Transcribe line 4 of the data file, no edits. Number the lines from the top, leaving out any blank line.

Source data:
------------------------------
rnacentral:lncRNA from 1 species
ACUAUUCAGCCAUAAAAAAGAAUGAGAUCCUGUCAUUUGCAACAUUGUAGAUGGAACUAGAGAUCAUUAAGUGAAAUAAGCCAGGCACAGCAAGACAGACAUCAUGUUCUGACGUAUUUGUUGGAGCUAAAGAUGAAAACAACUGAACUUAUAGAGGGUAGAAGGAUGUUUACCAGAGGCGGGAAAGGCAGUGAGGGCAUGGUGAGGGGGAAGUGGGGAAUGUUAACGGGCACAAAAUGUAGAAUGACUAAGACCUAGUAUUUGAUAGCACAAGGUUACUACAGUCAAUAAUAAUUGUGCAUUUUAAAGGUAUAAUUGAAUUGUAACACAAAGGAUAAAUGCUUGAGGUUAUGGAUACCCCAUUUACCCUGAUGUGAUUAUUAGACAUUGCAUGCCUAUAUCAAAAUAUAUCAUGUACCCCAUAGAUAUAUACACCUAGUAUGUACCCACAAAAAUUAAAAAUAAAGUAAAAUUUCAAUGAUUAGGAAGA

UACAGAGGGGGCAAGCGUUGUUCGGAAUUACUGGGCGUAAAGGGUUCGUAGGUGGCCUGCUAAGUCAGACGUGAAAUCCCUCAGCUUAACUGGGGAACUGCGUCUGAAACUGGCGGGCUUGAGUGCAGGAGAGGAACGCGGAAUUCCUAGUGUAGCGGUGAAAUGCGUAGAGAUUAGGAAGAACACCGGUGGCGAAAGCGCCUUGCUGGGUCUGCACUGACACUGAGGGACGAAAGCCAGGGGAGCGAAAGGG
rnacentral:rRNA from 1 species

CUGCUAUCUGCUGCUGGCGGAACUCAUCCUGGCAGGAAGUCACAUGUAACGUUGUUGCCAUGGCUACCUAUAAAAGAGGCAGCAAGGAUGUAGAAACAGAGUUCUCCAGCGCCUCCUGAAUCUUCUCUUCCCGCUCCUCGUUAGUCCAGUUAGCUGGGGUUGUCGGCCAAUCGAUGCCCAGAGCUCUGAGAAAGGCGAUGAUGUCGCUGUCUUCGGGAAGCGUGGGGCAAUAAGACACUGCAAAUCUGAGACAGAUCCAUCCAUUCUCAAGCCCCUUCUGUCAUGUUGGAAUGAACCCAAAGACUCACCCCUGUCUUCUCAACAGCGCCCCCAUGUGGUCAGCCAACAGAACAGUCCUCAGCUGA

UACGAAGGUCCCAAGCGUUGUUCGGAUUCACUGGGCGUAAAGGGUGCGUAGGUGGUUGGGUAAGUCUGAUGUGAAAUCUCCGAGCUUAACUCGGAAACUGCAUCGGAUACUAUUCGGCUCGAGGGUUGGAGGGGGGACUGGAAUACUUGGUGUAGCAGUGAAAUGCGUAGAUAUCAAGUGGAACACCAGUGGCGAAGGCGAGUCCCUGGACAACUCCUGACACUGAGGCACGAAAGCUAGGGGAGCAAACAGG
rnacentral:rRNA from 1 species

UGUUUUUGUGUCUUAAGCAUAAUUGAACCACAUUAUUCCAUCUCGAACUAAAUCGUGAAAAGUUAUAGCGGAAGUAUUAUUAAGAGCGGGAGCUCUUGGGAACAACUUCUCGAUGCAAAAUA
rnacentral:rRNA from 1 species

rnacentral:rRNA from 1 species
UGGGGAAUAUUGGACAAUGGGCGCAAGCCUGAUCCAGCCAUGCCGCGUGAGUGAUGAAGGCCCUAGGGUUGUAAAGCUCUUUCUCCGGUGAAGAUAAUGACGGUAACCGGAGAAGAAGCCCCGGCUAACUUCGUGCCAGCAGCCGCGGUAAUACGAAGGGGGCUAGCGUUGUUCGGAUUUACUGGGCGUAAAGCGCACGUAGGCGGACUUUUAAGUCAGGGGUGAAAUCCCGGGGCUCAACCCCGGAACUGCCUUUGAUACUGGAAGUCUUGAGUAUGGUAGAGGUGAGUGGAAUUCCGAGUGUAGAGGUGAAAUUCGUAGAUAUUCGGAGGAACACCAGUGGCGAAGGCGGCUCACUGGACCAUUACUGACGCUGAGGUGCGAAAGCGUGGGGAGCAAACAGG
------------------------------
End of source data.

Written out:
rnacentral:rRNA from 1 species